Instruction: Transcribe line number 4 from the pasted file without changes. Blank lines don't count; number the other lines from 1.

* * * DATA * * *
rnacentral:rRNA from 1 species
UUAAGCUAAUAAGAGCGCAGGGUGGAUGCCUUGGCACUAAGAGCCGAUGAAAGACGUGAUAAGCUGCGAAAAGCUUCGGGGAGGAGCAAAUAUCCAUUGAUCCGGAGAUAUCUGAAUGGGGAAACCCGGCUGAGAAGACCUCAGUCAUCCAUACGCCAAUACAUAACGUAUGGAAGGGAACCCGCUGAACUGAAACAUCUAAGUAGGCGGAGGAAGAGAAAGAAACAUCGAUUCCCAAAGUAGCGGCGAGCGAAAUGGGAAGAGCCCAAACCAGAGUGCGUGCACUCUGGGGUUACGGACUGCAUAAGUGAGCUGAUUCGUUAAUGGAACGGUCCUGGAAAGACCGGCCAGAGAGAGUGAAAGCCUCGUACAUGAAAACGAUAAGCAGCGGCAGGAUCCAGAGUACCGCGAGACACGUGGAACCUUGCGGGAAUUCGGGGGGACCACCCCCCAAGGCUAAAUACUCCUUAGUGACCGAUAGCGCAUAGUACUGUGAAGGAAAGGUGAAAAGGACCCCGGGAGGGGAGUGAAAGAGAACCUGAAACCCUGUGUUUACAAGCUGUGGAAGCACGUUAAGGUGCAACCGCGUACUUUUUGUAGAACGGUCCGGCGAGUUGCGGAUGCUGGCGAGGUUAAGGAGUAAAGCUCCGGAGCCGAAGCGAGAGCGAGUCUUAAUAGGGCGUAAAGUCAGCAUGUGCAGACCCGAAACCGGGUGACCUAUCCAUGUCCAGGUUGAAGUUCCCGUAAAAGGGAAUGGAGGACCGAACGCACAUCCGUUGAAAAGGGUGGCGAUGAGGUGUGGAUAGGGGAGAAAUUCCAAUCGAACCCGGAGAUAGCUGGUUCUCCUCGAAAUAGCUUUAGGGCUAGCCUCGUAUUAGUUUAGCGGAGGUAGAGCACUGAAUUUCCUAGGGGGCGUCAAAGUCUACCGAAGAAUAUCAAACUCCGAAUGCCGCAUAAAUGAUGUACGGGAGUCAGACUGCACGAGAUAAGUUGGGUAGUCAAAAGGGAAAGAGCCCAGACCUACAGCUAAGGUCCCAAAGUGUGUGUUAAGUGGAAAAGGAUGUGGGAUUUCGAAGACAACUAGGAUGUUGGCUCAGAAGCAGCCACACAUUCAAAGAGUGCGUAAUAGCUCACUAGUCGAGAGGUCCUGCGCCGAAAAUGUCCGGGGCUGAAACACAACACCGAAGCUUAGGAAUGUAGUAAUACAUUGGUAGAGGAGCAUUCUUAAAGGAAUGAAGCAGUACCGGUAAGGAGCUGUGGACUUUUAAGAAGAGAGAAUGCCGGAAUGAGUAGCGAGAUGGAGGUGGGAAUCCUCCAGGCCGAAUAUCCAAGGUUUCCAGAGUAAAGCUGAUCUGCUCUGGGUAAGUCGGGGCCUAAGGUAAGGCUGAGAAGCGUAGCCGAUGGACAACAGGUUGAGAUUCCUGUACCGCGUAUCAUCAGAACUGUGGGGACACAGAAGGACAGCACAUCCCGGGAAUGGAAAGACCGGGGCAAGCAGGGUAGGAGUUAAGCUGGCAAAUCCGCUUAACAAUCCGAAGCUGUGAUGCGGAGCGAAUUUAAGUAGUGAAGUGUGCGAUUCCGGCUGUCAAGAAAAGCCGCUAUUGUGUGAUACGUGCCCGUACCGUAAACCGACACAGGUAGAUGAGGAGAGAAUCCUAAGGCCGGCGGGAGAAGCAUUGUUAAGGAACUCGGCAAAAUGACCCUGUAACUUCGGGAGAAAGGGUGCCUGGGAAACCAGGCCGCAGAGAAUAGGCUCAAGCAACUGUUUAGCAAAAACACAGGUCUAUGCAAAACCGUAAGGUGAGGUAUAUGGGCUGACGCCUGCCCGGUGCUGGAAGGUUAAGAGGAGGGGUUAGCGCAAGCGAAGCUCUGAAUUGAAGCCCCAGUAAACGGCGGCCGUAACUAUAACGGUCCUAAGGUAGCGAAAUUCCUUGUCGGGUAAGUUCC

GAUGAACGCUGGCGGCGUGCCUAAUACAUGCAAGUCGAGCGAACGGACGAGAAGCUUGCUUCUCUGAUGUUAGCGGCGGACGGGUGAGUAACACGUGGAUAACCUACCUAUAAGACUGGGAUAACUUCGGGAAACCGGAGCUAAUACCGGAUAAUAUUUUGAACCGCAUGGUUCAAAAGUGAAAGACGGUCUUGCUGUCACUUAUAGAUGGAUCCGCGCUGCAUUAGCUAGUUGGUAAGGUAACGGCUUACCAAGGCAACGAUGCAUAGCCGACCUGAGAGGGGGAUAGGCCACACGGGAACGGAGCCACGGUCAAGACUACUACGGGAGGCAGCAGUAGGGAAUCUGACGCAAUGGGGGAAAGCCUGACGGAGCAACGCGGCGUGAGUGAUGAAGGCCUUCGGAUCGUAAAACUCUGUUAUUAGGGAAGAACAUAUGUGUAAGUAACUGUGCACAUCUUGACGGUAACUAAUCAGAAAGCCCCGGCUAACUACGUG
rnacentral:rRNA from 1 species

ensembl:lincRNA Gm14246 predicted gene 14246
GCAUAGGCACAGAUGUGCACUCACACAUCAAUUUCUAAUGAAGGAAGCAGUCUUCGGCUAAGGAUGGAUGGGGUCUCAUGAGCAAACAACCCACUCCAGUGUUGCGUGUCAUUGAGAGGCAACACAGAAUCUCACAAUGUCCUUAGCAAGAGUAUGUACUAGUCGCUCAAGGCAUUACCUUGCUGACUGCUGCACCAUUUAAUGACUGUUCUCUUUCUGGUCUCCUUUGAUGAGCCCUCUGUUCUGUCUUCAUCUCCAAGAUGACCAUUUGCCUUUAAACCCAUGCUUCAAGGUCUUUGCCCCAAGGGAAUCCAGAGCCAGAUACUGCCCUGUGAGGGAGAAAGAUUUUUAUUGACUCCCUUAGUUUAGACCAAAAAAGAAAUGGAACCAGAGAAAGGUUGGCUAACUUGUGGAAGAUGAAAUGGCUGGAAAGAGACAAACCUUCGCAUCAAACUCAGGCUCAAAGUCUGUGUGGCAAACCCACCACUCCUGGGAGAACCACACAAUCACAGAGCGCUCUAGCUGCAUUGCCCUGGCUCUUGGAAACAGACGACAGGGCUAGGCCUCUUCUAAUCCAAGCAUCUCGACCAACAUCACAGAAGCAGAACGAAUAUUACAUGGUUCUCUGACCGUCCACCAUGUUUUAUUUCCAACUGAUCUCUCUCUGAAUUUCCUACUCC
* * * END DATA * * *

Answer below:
rnacentral:rRNA from 1 species